Whether it’s Scott Morrison getting his underwear in a bunch about signage or the toy company behind Barbie launching a range of dolls that can be identified as either male or female, gender neutrality is becoming a topic that is garnering a great deal of attention lately. And with inclusivity an important consideration in all modes of design, it’s worth celebrating the milestones when we reach them.
One such marker was passed in September with the launch of the first non-gender-specific toilets in Darwin’s Casuarina Square shopping centre. The rest rooms were born out of a number of conversations about community engagement, resulting in centre owners the GPT Group consulting with Hames Sharley on the design of fresh facilities.
The new toilets have already received positive feedback from the public, suggesting Casuarina Square could act as a model for similar updates to refurbishments in other centres and public spaces around Australia. In that regard, they would reflect an increased presence of unisex facilities all around the world in recent years.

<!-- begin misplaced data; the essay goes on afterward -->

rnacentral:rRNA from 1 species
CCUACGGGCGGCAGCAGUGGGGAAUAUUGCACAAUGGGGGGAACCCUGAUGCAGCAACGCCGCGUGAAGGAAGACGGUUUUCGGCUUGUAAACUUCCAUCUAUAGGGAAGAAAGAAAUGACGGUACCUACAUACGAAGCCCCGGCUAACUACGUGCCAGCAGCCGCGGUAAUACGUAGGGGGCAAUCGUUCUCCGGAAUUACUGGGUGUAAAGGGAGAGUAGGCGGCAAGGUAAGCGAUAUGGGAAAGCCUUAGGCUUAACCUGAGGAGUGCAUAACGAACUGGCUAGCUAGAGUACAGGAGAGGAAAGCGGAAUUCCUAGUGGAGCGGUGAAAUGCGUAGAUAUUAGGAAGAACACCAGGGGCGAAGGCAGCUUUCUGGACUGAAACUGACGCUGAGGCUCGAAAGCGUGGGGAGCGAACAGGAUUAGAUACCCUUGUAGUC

Colleges and universities have been pioneers of the practice, with some UK student halls featuring non-specific washroom facilities as far back as the early 90s, and more than 150 US campuses including unisex public toilets by 2014. A year earlier than this, Brighton and Hove City Council in the UK introduced public conveniences that bore neither the traditional male nor female symbols on the doors, displaying non-specific icons instead. Similarly, the Vancouver Park Board made its first moves to introduce gender-neutral toilet signage in 2014, with the city as a whole becoming the first to change building codes to require unisex facilities in public buildings.
Although rest rooms are also adopting non-specific gender useage in several Asian nations – perhaps signalling increased acceptance of a more diverse outlook – by all accounts the move towards greater inclusivity may take some time yet. However, the gradual acceptance that neutral ground can be found is surely a sign of positive change ahead.